Substantial empirical evidence confirms that regular participation in physical activity contributes to health in individuals of all ages, gender, and ability. Yet numerous studies have found that people with disabilities are less likely to engage in physical activity, are more sedentary, and tend to be less fit than their peers (Temple et al. 2006). This chapter provides an overview of the evidence that sets out the value of exercise and sport participation by people with an intellectual disability and, where available, the cascading benefits for families and workers. Strategies to promote involvement in exercise and sport are addressed, with a focus on evidence-based strategies that can be incorporated into practice and undertaken in environments that promote community inclusion and experiences. Recommendations for promoting exercise and sport participation for people with intellectual disabilities are also provided.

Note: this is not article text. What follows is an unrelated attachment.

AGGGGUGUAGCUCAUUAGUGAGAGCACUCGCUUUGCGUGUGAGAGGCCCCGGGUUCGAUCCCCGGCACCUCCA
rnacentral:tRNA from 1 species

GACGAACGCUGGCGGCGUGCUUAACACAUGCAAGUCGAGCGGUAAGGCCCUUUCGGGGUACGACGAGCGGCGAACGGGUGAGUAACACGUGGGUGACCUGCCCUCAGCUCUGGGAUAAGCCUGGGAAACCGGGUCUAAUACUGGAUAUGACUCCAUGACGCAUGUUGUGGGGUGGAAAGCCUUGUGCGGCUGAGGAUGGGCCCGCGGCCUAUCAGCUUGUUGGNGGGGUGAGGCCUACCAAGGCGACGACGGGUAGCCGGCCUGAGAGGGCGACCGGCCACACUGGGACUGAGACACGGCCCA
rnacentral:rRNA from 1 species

|Title of host publication||Health Promotion for People with Intellectual and Developmental Disabilities|
|Publication status||Published (in print/issue) - Jan 2014|